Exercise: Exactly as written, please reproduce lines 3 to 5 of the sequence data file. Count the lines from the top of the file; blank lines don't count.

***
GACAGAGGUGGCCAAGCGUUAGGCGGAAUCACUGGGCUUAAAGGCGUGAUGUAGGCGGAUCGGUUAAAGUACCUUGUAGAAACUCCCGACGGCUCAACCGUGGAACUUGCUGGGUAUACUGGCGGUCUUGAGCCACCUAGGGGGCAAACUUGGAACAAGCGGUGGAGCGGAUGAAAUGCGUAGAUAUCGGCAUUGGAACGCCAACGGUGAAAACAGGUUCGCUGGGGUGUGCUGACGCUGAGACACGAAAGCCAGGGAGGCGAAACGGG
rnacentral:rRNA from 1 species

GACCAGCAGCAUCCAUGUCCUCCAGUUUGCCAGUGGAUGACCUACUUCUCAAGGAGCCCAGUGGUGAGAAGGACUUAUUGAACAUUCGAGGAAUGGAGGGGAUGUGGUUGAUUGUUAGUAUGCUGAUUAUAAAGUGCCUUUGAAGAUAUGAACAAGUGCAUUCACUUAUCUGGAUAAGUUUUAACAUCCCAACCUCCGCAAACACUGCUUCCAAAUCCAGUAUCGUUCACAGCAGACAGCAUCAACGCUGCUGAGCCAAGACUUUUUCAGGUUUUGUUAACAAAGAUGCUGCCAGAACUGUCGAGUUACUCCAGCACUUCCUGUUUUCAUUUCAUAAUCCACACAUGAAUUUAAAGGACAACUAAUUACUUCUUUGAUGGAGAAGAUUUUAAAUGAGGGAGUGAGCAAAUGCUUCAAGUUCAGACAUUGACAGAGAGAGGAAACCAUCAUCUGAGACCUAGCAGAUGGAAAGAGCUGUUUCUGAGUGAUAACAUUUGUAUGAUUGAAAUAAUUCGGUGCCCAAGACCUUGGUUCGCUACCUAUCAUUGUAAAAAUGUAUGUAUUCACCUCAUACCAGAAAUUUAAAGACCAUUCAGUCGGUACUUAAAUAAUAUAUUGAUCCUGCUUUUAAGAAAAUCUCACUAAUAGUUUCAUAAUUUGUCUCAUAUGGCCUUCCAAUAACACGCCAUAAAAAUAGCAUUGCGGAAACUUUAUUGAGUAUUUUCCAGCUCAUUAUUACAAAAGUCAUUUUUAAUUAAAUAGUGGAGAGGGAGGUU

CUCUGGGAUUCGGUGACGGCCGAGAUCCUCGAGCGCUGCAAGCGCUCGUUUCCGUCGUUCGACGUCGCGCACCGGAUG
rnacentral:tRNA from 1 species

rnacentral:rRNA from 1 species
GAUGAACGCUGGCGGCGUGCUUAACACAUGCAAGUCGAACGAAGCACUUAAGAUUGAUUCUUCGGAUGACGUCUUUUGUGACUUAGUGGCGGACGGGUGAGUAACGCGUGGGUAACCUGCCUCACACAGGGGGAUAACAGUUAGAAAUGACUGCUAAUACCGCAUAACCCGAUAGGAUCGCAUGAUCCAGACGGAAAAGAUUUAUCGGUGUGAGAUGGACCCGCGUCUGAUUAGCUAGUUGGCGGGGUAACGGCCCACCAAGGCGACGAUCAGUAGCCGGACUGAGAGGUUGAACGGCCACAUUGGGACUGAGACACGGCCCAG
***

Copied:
GACCAGCAGCAUCCAUGUCCUCCAGUUUGCCAGUGGAUGACCUACUUCUCAAGGAGCCCAGUGGUGAGAAGGACUUAUUGAACAUUCGAGGAAUGGAGGGGAUGUGGUUGAUUGUUAGUAUGCUGAUUAUAAAGUGCCUUUGAAGAUAUGAACAAGUGCAUUCACUUAUCUGGAUAAGUUUUAACAUCCCAACCUCCGCAAACACUGCUUCCAAAUCCAGUAUCGUUCACAGCAGACAGCAUCAACGCUGCUGAGCCAAGACUUUUUCAGGUUUUGUUAACAAAGAUGCUGCCAGAACUGUCGAGUUACUCCAGCACUUCCUGUUUUCAUUUCAUAAUCCACACAUGAAUUUAAAGGACAACUAAUUACUUCUUUGAUGGAGAAGAUUUUAAAUGAGGGAGUGAGCAAAUGCUUCAAGUUCAGACAUUGACAGAGAGAGGAAACCAUCAUCUGAGACCUAGCAGAUGGAAAGAGCUGUUUCUGAGUGAUAACAUUUGUAUGAUUGAAAUAAUUCGGUGCCCAAGACCUUGGUUCGCUACCUAUCAUUGUAAAAAUGUAUGUAUUCACCUCAUACCAGAAAUUUAAAGACCAUUCAGUCGGUACUUAAAUAAUAUAUUGAUCCUGCUUUUAAGAAAAUCUCACUAAUAGUUUCAUAAUUUGUCUCAUAUGGCCUUCCAAUAACACGCCAUAAAAAUAGCAUUGCGGAAACUUUAUUGAGUAUUUUCCAGCUCAUUAUUACAAAAGUCAUUUUUAAUUAAAUAGUGGAGAGGGAGGUU

CUCUGGGAUUCGGUGACGGCCGAGAUCCUCGAGCGCUGCAAGCGCUCGUUUCCGUCGUUCGACGUCGCGCACCGGAUG
rnacentral:tRNA from 1 species